Before we get into the meat of this article, it’s important for you to consciously understand and always remember what a resume is, and what the purpose of a resume is. People often confuse or combine the two. A resume is simply a marketing piece, just like a business card, brochure, flyer, or whatever. The purpose of a resume is to get you an interview.
With that firmly in mind, let’s proceed.
Marketers and advertisers have known for decades that video is far more efficient than just graphics and text when it comes to creating a compelling image for a product or service.
If you compare a movie to a book, it takes far longer to get a complete mental image of everything that’s going on from a book than it does from a movie – unless you’re some kind of speed-reader. And, even if you are a speed reader, the words in a book can only conjure up what you imagine to be the scene, right?
But with a movie, every viewer is seeing and hearing exactly the same thing – what the creator of the movie wants them to see.
Now let’s apply that same logic to your resume, and how you can use it to help create the YOU brand.
The most important thing is to produce a quality video. I would liken that to using the proper format for a written resume and printing it on good quality paper. But producing a quality video doesn’t mean it has to be done professionally. By applying the following advice, you can produce a video resume that will stand head and shoulders above any written resume, and outshine most video resumes a prospective employer might see.
Keep your video resume short. One to three minutes is plenty. I know that may not seem like enough time to cover everything you may want to cover, but, trust me, it is.
Dress in professional business attire. Because it’s visual, you should dress as though you were going to an in-person interview.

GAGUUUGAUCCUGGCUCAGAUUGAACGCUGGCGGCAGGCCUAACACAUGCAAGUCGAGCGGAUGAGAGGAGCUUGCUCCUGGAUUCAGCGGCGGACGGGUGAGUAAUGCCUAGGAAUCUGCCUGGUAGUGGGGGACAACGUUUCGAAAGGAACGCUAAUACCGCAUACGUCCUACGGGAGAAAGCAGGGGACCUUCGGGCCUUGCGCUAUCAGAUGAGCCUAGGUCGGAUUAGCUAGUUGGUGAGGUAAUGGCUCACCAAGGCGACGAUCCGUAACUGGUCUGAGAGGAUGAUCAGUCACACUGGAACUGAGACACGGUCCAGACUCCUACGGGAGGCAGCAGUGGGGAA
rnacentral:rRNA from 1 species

Make sure there is good lighting. If you wear glasses, make sure there is no light-source positioned in such a way that it reflects off your lenses. This includes the computer screen.
Look at the camera as though it’s a prospective employer you’re speaking to. Think of the camera lens as their eyes and obey traditional rules of eye contact. You might even consider printing a life-size photo of someone you feel very comfortable speaking with and taping it to the camera. Place a hole in the photo where the eyes are and position the camera there.
Shoot the video in a quiet place to avoid distracting background noise, and make sure the wall behind you isn’t too “busy”.
Commit what you’re going to say to memory, and rehearse it. If you wish, create a cue card with bullet points to prompt you. But avoid at all cost reading your script verbatim.
Start by mentioning your first and last name. Then share your experience. Focus on your professional accomplishments, not your personal ones. Explain why you would be a good employee and what you can do for the company that hires you. Then thank the person you’re speaking to for considering you for employment.
By creating an informative video resume that is carefully produced, you’re not only sharing information about your experience and qualifications for employment, you’re demonstrating the ability to communicate effectively – a universally desirable skill.
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